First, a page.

While the Cambodian population has moved on from its terrible days of 1970s, the government has established a Genocide Museum to remind everyone of the horrific Pol Pot regime that is estimated to have killed nearly 2 million Cambodians between 1975 and 1979. On a visit to Phnom Penh for the Indo-ASEAN and East Asia Summits, some of us on the Prime Minister’s entourage found time to go and visit the infamous Security Prison-21 now better known as S-21. Here’s a brief report.
From 1975 to 1979, an estimated 17,000 people were imprisoned at Tuol Sleng At any one time, the prison held between 1,000–1,500 prisoners. They were repeatedly tortured and coerced into naming family members and close associates, who were in turn arrested, tortured and killed. In the early months of S-21’s existence, most of the victims were from the previous regime and included soldiers, government officials, as well as academics, doctors, teachers, students, factory workers, monks, engineers, etc. Later, the party leadership’s paranoia turned on its own ranks and purges throughout the country saw thousands of party activists and their families brought to Tuol Sleng and murdered.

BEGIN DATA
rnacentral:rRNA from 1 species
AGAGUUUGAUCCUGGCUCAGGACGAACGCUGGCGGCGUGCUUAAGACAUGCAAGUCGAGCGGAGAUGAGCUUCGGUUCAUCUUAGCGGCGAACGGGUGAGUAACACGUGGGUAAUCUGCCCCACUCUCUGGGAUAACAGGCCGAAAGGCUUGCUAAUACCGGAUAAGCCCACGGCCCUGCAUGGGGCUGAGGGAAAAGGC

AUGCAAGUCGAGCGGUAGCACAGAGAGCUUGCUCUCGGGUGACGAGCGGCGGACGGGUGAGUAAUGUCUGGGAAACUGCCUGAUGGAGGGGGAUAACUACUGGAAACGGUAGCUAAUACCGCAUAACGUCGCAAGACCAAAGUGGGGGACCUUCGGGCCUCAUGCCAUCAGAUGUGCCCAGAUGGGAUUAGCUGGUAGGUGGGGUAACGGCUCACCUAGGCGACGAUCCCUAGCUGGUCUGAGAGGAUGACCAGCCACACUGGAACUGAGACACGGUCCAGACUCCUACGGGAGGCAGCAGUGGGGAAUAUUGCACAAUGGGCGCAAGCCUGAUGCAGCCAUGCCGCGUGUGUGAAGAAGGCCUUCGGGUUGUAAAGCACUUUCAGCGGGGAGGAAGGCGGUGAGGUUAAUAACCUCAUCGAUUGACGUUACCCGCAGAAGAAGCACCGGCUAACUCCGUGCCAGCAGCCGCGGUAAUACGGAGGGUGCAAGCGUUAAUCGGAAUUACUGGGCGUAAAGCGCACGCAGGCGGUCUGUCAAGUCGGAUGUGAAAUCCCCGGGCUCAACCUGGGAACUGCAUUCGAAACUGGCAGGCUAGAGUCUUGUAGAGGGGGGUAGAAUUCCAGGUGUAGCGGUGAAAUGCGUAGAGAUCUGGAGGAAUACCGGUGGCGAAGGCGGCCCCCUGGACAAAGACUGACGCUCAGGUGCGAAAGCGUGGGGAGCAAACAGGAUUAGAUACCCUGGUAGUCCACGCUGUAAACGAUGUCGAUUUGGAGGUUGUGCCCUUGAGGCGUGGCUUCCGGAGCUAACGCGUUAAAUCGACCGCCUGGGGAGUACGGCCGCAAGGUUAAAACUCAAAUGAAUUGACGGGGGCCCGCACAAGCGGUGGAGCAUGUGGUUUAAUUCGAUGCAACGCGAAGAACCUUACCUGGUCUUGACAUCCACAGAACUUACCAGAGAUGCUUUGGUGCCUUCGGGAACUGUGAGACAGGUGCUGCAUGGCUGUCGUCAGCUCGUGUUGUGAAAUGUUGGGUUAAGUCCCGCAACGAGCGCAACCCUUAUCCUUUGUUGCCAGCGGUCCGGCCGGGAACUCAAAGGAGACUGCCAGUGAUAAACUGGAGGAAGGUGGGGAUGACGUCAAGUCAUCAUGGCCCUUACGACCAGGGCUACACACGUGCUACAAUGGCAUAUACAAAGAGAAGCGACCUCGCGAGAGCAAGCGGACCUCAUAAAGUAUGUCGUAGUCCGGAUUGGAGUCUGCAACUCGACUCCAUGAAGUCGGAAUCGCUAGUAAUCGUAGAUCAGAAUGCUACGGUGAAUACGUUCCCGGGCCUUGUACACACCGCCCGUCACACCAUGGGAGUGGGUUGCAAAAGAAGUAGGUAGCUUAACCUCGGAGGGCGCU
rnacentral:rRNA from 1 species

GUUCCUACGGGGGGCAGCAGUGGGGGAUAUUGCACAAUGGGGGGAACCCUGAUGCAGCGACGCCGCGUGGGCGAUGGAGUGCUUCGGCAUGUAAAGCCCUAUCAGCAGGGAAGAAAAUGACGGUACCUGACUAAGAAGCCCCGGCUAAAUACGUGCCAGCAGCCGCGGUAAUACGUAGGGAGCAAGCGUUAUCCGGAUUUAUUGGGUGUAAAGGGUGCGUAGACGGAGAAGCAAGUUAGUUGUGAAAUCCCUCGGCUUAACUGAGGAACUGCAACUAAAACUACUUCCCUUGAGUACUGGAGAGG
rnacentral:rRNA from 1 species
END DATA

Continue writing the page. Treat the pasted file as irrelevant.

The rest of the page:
|The skulls: reminder of the horrific past|
|Prisoners were tied to beds with these instruments; a skull displayed at the Museum|
|The Genocide Museum has several pixs of victims|
|The torture chambers|
|One of the survivors, now 82, sells a book based on his own memories at this infamous torture centre|
|Me at Genocide Museum|